Saltwater is a better conductor than the human body so in saltwater most of the electricity flows around and not through the body. Result is not enough current flowing through the body to cause paralysis.

David Pendleton posted 07-03-2015 12:00 AM ET (US)     Profile for David Pendleton  Send Email to David Pendleton     
As it happens, there is an article about this very topic in today's Great Lakes Scuttlebut: what-every-boater-needs-to-know-about-electric-shock-drowning./

Jefecinco posted 07-03-2015 06:11 PM ET (US)     Profile for Jefecinco  Send Email to Jefecinco     
So, am I correct in guessing that the risk in brackish water is dependent upon HOW brackish the water is? Lacking that knowledge I going to assume brackish water is as deadly as fresh.

Seems to me the alternative assumption would be risky??

Would it be fair to say the risk is not limited to freshwater only?


jimh posted 07-05-2015 01:18 PM ET (US)     Profile for jimh  Send Email to jimh     
I found an article (hyperlinked below) that discusses the risk of electrocution as a function of voltages and currents, where they are applied, and other various factors that ought to be considered. For readers who want to calculate the conductivity in the water that will be necessary to cause a voltage gradient in the water to tend to pass through the water instead of through a human body, some of the data in this article might be useful for making such a calculation. Personally, if there is electrical current leaking into the water from a 120-VAC source, I am not inclined to dismiss the risk of electrocution on the basis of the salinity of the water. See:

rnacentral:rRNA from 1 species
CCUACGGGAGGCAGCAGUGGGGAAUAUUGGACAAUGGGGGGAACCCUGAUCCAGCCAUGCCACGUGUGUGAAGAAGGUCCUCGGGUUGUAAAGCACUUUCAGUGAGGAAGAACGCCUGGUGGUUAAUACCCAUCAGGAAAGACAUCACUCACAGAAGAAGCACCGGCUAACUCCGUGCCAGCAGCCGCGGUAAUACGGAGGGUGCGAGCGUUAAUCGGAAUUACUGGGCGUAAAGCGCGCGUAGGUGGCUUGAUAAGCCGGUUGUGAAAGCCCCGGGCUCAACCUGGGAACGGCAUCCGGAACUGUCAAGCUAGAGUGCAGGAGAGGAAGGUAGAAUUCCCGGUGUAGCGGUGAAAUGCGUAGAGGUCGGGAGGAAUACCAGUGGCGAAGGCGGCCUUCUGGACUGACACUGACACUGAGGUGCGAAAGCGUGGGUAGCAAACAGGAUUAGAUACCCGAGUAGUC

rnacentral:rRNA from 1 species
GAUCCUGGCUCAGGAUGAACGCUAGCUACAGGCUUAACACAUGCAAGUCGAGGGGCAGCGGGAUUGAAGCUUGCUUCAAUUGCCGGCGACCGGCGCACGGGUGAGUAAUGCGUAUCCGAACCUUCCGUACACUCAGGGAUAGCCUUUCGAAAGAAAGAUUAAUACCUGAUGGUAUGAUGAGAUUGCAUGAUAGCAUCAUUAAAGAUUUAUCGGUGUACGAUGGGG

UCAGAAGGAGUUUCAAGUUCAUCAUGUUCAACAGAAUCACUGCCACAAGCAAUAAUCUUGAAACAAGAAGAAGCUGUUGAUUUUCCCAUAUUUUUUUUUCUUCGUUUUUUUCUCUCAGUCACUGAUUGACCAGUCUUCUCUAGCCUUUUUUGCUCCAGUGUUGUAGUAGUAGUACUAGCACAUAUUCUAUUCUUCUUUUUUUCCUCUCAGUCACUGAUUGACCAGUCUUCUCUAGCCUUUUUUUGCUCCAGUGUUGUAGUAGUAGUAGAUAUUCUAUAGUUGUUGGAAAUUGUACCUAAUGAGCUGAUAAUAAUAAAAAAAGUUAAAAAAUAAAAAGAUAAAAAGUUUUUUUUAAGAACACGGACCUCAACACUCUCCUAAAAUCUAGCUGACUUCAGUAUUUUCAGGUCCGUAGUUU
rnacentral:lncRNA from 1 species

wezie posted 07-09-2015 12:10 PM ET (US)     Profile for wezie    
As I understand, the term Brackish is subjective. As you stated, how much salt, is the question.
As rains occur or not, so the salinity of bays and estuaries change.
In a private (individually owned dock) environment, we might be comfortable with our electrical work and precautions. In anything else, I guess brackish water is really fresh water for electrical safety rules.
David Pendleton posted 07-10-2015 01:49 AM ET (US)     Profile for David Pendleton  Send Email to David Pendleton     
Here's a thought: don't swim in any marina.
Jefecinco posted 07-10-2015 08:42 AM ET (US)     Profile for Jefecinco  Send Email to Jefecinco     
That is absolutely my policy.